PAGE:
It’s normal to occasionally feel fidgety or have trouble focusing. For people with attention-deficit/hyperactivity disorder (ADHD), these symptoms make it tough to complete tasks, manage time, or succeed at work or school. Symptoms such as inattention, hyperactivity, or poor impulse control may benefit from an evaluation and treatment for ADHD.

What is ADHD?

ADHD is a neurodevelopmental disorder usually characterized by inattention, hyperactivity, or impulsivity. These traits are normal to some extent, especially in children and teens. Having ADHD, however, involves a persistent pattern of characteristics that interferes with functioning in a significant way.

Signs and symptoms of ADHD

ADHD is usually diagnosed when someone experiences a combination of inattentive, hyperactive, or impulsive symptoms that can disrupt everyday life. These symptoms might include:

  • Difficulty paying attention
  • Difficulty getting started on tasks
  • Difficulty following through on tasks
  • Difficulty planning and organizing
  • Poor time management
  • Frequently losing things
  • Being easily distracted
  • Forgetting important things
  • Making careless mistakes or forgetting details
  • Frequent fidgeting
  • Talking excessively
  • Feeling restless
  • Interrupting others
  • Difficulty tolerating frustration or controlling anger

One or two occasional symptoms might not be cause for concern. Talk to your doctor or clinician about getting evaluated for ADHD if you feel inattention, hyperactivity, or impulsivity are disrupting your life.

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What causes ADHD?

ADHD appears to have high heritability (Cook, 2001). In other words, genes seem to play a large role in whether you will develop ADHD. Certain environmental factors can play a role in the development of ADHD, though the evidence is inconsistent (Thapar et al., 2011). These may include neglect, abuse, poverty, prenatal exposure to cigarette smoking, childhood exposure to toxins, and low birth weight.

Types of ADHD

ADHD can be broken down into three subtypes, each offering different presentations.

Predominantly inattentive presentation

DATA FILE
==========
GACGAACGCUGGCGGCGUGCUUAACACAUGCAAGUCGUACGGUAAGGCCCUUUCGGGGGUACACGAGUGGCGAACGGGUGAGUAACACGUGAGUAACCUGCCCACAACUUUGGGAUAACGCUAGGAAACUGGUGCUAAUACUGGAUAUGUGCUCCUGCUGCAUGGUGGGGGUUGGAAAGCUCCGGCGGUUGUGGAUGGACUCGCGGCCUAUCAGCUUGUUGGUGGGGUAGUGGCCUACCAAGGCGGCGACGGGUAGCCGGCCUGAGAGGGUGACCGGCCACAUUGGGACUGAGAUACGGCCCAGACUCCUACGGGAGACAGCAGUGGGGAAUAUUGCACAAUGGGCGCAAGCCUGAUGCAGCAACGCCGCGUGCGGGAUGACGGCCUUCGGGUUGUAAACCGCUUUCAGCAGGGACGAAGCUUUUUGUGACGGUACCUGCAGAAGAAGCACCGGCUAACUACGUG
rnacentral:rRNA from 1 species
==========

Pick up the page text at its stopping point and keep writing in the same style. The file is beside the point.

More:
People with predominantly inattentive ADHD experience poor concentration, are easily distracted, and are forgetful. They may find it hard to get started on tasks or sustain the attention required to complete them.

Predominantly hyperactive-impulsive presentation

People with predominantly hyperactive-impulsive ADHD can experience restlessness, impulsivity, and hyperactivity. They might feel as though they constantly need to be moving or talking or have trouble sitting quietly for long periods of time.

Combined presentation

People with the combined subtype of ADHD experience symptoms of both inattentive and hyperactive-impulsive types.

ADHD in children and adults

ADHD can present differently in children and adults. While the symptoms themselves are similar, society demands very different things of adults and children.

The lives of school-age children are often highly structured and require sustained attention and quiet listening. In contrast, adults are often required to make independent choices, organize their own lives, and work independently. Both sets of demands can be difficult in different ways for people with ADHD.

Many adults learn to mask their symptoms in order to function in the workplace and get along with others. Fearing social backlash, adults with ADHD may not ask for accommodations or disclose their diagnosis to others, even if it might help others understand their needs.

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How is ADHD diagnosed?

A diagnosis of ADHD usually involves a neuropsychological evaluation administered by a clinician. The clinician may ask about your current symptoms and functioning, mental health history, school history, and other aspects of your life.

They may also perform psychometric tests to learn more about how your brain works. Tests are administered on paper, on a computer, or as part of a structured interview. There are no wrong answers with psychometric tests. They are designed to give the psychologist more information about your symptoms so they can make the right diagnosis.

Treatments for ADHD

ADHD is usually treated using therapy, medication, or both. After your evaluation, you’ll discuss your goals and preferences for treatment and receive referrals to clinicians who can address your symptoms.

When to seek treatment for ADHD

You shouldn’t wait to seek treatment for ADHD. Therapy or medication can help you manage symptoms and lead to greater mental wellness.

Therapy for ADHD

Therapy for ADHD involves learning strategies to manage inattention, hyperactivity, and impulsivity. You’ll learn to work with these traits rather than ignoring or suppressing them. You’ll also learn about accommodations that can help at work or school. This can include adopting a more flexible schedule or taking more time on tests.

It’s also important to address the shame and stigma that can come with ADHD. Many people with ADHD experience an intense fear of failure, especially those whose symptoms have caused them difficulty at school or work. This can make it hard to take on new challenges and risks, even if they might be rewarding. A therapist can help you embrace risk-taking and take mistakes in stride.

Medication for ADHD

Medication can be an effective treatment for ADHD. The most commonly prescribed medications for ADHD are stimulants, which can help increase focus and attention. Some non-stimulant medications have also been approved to treat ADHD. A psychiatric provider, such as psychiatrist or psychiatric nurse practitioner, can help you determine the proper course of treatment.


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